In mid-July, the heat wave in New York City broke record-temperatures causing families and young people to take to the streets in search of relief. Buckets of water that hit police officers in Harlem and Brownsville, Brooklyn, became an excuse and a rallying cry for politicians like Mayor Bill de Blasio and former Mayor Rudolph Guiliani to overpolice neighborhoods where poor and oppressed residents live in an occupation-style search for the young men who wet the cops.
This was just part of the overpolicing in that 48-hour period.
One of the many perks of being a teacher and having summers off is that I can go to the beach on weekdays. On Friday, July 26, while at Brighton Beach in Brooklyn, I saw two cops walk around the beach. They stormed across my friend’s and my beach towels towards a cotton candy vendor, a man of Latino descent. My instincts kicked in and I got up, walked towards them and took out my phone to record what was happening as an act of solidarity, to show the man working in the hot sun all day he is not alone. The recent memory of Eric Garner’s murder via choke hold at the hands of an NYPD officer who recently faced zero jail time also loomed over me.
Thankfully, others around me began to also video the police. One woman yelled, “Now we all have to go because they [the cops] will try to get all of us.” The cops wrote a ticket, and one female officer turned to mockingly wave and smile at me, I presume for recording her.
The cops walked away, and I returned to my towel. All but two minutes later, instead of two cops, I see six officers surround another cotton candy vendor. This time, however, a white man, three Latina women, and a group of Black teens united with me in recording the police and standing with the vendor. An officer approached me and said, “Oh you want my badge number? Here it is.” I raised my voice, knowing others around me were watching and said, “Why are you harassing someone for trying to make a living? Why don’t you go after murderers like Daniel Pantaleo who killed Eric Garner?” She scoffed and claimed to know “where I was going with all of this” and walked away.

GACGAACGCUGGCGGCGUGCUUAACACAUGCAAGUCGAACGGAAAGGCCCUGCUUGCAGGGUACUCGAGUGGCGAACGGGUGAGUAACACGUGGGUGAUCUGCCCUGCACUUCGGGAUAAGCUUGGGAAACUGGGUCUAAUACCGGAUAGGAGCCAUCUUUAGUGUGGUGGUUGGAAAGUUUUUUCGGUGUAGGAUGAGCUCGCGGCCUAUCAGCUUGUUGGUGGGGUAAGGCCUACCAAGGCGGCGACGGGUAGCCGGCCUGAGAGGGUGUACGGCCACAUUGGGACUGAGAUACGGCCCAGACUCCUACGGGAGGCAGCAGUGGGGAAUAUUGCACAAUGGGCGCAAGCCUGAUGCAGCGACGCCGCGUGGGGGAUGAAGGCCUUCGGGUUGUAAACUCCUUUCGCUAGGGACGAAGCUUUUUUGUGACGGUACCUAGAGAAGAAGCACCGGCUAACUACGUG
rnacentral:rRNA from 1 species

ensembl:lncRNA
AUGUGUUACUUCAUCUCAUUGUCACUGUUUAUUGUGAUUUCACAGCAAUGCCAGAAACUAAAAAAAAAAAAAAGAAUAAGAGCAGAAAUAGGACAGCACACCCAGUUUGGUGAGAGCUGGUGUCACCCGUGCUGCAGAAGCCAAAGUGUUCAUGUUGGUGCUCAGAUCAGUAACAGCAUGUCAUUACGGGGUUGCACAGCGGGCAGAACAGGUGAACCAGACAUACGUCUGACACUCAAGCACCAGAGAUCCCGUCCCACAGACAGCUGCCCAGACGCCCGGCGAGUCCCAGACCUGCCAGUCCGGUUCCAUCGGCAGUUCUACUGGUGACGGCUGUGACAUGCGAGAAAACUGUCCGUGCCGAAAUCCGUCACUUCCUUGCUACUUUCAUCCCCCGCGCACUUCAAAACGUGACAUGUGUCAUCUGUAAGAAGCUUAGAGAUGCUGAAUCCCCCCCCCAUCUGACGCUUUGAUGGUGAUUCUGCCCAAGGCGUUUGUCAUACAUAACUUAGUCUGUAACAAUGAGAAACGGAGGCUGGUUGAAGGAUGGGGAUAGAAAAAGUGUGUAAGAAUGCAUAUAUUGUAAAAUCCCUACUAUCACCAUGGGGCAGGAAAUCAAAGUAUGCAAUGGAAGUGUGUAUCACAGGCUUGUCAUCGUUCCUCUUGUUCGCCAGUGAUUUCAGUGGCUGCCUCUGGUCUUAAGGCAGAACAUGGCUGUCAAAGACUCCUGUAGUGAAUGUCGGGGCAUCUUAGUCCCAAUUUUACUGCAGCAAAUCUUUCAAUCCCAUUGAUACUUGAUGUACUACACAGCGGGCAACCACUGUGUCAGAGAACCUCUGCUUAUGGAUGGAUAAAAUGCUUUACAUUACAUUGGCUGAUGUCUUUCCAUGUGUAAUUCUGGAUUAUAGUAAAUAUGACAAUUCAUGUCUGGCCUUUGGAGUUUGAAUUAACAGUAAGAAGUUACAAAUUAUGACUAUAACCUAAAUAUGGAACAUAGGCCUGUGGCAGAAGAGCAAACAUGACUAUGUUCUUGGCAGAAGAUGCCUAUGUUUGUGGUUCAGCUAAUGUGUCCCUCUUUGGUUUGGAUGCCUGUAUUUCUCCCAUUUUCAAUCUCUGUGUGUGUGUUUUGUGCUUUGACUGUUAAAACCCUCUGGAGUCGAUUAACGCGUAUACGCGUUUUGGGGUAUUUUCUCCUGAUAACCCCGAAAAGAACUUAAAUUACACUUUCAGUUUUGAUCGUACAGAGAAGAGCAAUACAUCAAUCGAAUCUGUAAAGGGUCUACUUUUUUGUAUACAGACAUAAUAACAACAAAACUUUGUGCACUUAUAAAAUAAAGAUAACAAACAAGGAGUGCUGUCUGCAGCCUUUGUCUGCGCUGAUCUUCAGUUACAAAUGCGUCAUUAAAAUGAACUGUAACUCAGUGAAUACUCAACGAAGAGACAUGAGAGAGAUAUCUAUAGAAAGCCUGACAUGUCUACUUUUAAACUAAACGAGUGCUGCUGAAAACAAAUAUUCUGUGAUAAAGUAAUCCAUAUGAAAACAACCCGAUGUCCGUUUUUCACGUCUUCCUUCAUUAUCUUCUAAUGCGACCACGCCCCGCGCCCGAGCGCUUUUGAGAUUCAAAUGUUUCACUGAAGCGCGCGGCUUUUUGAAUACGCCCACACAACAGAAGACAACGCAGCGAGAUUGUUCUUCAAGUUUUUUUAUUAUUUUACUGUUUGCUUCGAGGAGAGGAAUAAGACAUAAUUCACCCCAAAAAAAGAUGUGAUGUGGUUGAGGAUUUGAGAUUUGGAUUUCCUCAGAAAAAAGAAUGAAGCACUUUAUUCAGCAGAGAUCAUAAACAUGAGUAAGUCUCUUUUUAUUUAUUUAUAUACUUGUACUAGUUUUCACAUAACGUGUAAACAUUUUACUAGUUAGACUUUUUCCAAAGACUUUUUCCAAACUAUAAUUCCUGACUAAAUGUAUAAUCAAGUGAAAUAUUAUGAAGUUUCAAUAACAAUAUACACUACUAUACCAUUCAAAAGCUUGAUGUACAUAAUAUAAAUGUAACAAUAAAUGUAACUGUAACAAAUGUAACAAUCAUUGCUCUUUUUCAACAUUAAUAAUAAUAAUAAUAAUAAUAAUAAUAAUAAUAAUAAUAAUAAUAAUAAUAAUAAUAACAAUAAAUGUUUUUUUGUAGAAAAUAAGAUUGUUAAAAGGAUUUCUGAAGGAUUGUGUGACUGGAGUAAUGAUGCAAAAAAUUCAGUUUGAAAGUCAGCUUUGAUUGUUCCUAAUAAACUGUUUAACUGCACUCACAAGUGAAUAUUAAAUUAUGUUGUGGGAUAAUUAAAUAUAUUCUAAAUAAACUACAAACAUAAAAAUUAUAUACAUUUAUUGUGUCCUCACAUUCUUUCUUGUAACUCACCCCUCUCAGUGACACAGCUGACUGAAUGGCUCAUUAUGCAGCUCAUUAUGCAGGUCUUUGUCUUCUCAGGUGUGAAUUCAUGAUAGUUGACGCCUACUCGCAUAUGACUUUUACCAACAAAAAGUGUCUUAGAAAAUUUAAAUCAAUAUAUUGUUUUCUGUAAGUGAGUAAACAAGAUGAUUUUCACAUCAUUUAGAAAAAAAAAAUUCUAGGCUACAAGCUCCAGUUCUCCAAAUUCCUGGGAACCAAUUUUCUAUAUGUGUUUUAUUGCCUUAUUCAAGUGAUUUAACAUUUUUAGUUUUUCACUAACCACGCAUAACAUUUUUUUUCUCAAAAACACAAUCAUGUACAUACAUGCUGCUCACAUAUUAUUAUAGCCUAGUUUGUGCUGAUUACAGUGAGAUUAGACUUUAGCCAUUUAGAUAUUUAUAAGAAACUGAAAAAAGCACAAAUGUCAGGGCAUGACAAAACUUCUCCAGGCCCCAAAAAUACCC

In my back and forth with one officer, another man was yelled at the five remaining cops, “Go away and leave him alone!” Before the cops all left, they issued the cotton candy vendor a $100 fine. With a tired expression, the man thanked us for being there with him.
The next day was much of the same. I was in Washington Heights, making my way up to Dyckman St. with friends on a Saturday night. At 11:30 pm, as I exit the train, I see a uniformed officer and a plain clothes officer with a young man who looked no more than 16-years-old carrying worry in his face. Again, I stop to record, frustrated that this is the third time I had to do this in two days.
After a few minutes, the young man walked towards me, his eyes red, his voice trembling. My friends and I inquire about his being stopped by cops, and he explained it was for fare-beating and that he got a $100 fine. Nervously, he shared, “I tried to explain to them what happened but they wouldn’t listen, they wouldn’t even let me talk.” We walked him to the turnstiles and gave him a Metrocard [fare card-ed.] so he could get home safely. He hugged us and thanked us for looking out for him.
The Latino men selling cotton candy at the beach were doing their best to make it through the summer, just trying to survive. The beach was not packed — I doubt they had made the $100 they were fined for selling a children’s treat. I’m sure that the teenager who did not have $2.75 for the MTA fare also did not have $100 for the fine.
Recording the police or offering Metrocards will not end the criminalization of poverty, it will not end police terror. We know that. That’s not why we did it. We did it because we love our community, we love the working class, and we know that overpolicing can lead to a death sentence for Black and Brown men. I say “we” because I was not alone. Fellow New Yorkers stood with me using their phones, bodies or voices, people who know what it means to have police officers attempt to intimidate us into fear and complacency.
Solidarity. That’s the key word. Being bold in action– from taking out our phones and videoing to talking with the women at the beach who were proud that we all stood against the cops, to giving the young man a Metrocard– shows that cooperation and collective power are the basis of human instincts.
The point of it all was to inspire others to take action too. In the spirit of Fannie Lou Hamer, “We are sick and tired of being sick and tired,” and New Yorkers stepped up with me this weekend.